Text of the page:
This was a very interesting essay to read. I'm Chinese American and was born in the US, the daughter of immigrants. I, too, had to attend a once/week Chinese language school. However, mine was held every Friday night (which meant missing ALL the school dances, football games, etc.).
I think this is why so many of the teens dropped out--we wanted to be like our fellow American teens and engage in regular high school activities. We also didn't invest much time in the homework as we knew the grades didn't count. It was more important to do well in "real school." I don't know of any students who lasted throughout high school.
The only reason I can even speak Mandarin today is because my monolingual grandmothers lived with us for a few years when I was a child and I spoke it every day with them. I have long forgotten all the Chinese characters I once learned, except for how to write my own name. If you don't use it, you lose it.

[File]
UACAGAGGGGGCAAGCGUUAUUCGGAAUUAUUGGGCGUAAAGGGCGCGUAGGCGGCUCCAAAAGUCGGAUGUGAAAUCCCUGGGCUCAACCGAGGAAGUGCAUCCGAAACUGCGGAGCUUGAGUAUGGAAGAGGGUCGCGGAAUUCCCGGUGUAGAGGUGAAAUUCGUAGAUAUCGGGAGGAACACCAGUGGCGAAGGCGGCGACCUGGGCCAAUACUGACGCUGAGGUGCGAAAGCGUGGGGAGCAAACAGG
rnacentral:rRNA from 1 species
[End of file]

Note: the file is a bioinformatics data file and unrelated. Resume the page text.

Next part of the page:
I'm also uncertain how creating content that would appeal to North Americans on a cultural level but be filmed in Chinese would help preserve the language acquisition. Many children of immigrants are desperately trying to fit in with their peers. Interesting approach and I'd be interested to hear if it works.